Scouting Report: 10 Things To Watch In Rome
Seventeen of the Top 20 players are in Rome to play the Internazionali BNL d'Italia, the third and final clay-court ATP Masters 1000 event of the year. Three former champions are in the field: eight-time winner Rafael Nadal, four-time titlist Novak Djokovic, and 2017 winner Alexander Zverev, who account for 13 of the past 14 titles. Roger Federer will make his first Rome appearance since 2016.
10 THINGS TO WATCH IN ROME
1. Back for More: Defending champion Nadal is making his 15th consecutive appearance at the Foro Italico and he comes in with a 56-6 record (8-2 in finals) at the tournament. The Spaniard has advanced to the quarter-finals or better in 13 of his 14 previous visits to the Italian capital. Nadal will attempt to become the first player on the ATP Tour this year to defend a title from last season.
2. No. 1 Novak: World No. 1 Djokovic is aiming to hoist the Rome trophy for the first time since 2015, after losses in the final in 2016 (to Andy Murray) and 2017 (to Zverev), and a semi-final loss to Nadal last year. Last Monday, the Serbian started his 250th week at top spot in the ATP Rankings.
3. Roger’s Return: Federer, who is yet to win the Internazionali BNL d'Italia title, comes back to Rome for the first time since a third-round loss to Dominic Thiem on 12 May 2016. That loss to Thiem was the Swiss star’s last clay-court match at any event until he competed in last week’s Mutua Madrid Open, where he reached the quarter-finals before falling to Thiem in three sets.
4. Fabio Eyes Top 10: Top Italian Fabio Fognini is tied for his career-high ATP Ranking of No. 12. Fognini is 10-11 lifetime in Rome, with last year’s quarter-final as his best result. The last Italian in the Top 10 of the ATP Rankings was Corrado Barrazzutti on 22 January 1979. Fognini claimed his first Masters 1000 trophy at the Rolex Monte-Carlo Masters.
5. Home Hopes: The last Italian man to win the most prestigious title in Italy was Adriano Panatta in 1976. Six other Italians join Fognini in the main draw: Marco Cecchinato, Andreas Seppi and wild cards Matteo Berrettini, Lorenzo Sonego, Andrea Basso, and Jannik Sinner. Earlier this year, 17-year-old Sinner became the youngest-ever Italian to win a Challenger title.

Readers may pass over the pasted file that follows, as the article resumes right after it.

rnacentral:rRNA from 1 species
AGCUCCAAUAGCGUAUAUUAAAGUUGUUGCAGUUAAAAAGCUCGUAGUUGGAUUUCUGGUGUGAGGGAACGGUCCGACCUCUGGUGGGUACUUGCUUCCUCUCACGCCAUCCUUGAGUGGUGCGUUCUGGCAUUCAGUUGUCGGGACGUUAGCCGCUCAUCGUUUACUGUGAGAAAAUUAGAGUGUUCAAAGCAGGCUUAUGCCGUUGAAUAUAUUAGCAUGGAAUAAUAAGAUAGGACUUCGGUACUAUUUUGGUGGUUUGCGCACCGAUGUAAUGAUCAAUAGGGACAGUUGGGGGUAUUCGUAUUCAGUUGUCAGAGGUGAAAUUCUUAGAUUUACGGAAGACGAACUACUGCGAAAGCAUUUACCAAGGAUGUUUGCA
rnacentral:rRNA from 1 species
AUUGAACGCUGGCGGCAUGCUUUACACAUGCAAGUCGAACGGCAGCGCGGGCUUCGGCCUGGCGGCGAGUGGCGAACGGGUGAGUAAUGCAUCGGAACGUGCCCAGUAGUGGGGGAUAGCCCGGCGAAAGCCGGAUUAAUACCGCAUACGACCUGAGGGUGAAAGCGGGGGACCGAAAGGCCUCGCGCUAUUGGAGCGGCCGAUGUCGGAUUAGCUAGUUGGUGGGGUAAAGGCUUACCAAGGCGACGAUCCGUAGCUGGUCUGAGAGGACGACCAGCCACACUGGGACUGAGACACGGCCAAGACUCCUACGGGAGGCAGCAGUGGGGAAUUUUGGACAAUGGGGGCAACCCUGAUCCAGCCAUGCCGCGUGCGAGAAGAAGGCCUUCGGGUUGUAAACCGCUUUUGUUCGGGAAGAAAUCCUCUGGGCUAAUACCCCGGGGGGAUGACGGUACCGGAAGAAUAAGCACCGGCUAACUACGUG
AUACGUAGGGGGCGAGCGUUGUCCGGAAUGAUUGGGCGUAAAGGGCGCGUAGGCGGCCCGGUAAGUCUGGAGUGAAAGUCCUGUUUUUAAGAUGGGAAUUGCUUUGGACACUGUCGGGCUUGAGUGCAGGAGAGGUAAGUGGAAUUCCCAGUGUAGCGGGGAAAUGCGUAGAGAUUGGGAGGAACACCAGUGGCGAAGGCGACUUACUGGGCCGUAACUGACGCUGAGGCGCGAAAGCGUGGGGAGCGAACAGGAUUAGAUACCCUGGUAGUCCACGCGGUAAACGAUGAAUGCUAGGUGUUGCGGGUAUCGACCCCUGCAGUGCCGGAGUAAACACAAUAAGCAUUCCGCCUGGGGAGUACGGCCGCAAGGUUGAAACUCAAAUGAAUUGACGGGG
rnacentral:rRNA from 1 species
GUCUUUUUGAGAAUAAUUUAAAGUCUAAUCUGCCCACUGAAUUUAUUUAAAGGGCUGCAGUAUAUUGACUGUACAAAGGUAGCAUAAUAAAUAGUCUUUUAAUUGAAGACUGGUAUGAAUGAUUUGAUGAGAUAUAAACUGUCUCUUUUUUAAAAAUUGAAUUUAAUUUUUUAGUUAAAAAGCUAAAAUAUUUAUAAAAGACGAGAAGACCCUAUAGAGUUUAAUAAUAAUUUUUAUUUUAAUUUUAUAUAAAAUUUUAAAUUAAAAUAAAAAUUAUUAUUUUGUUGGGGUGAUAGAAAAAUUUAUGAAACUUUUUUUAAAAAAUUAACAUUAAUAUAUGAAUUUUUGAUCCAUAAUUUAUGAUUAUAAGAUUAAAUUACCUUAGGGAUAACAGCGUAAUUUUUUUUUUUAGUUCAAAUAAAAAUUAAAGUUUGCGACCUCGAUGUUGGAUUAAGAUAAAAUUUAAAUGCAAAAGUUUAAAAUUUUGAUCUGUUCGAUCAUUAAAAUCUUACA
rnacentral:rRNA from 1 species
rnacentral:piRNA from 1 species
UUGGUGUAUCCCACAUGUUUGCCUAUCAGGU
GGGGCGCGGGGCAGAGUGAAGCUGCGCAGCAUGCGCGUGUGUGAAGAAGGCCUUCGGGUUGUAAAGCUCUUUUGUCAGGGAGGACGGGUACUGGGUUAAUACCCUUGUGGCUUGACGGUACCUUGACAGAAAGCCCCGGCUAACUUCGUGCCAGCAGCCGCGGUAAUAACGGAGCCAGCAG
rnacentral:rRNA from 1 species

6. Milestone Men: Stan Wawrinka, the 2008 Rome finalist, comes in with 497 career wins. Wawrinka is trying to become the ninth active player to collect 500 tour-level victories. Kei Nishikori is attempting to become the 17th active player to win 100 Masters 1000 matches. Nishikori has a 99-57 record in play at the elite level, with four runner-up finishes.
7. Sascha’s Pursuit: Zverev brings momentum into Rome after reaching the Madrid quarter-finals, where he fell in three sets against eventual finalist Stefanos Tsitsipas. The German is 11-2 at this tournament, and he has reached the final in two straight years, including a triumph in 2017.
8. Dominic In Form: Thiem has won eight of his past nine matches, including a run to the Barcelona title without dropping a set — and a win there against Nadal — as well as advancing to the Madrid semi-finals. The Austrian also claimed his maiden Masters 1000 crown earlier this year at the BNP Paribas Open.
9. Greece is the Word: Tsitsipas comes into Rome as the leader of the ATP Tour in wins, earning his 27th victory of the season in Saturday’s semi-final triumph over Nadal in Madrid. Tsitsipas was ranked No. 43 in Rome last year, and he had to qualify for the main draw.
10. Doubles Duty: Juan Sebastian Cabal and Robert Farah picked up their first Masters 1000 crown at the Internazionali BNL d'Italia last year, and the Colombians will be back in Rome to try to defend their title as the third seeds. Lukasz Kubot and Marcelo Melo are the top seeds.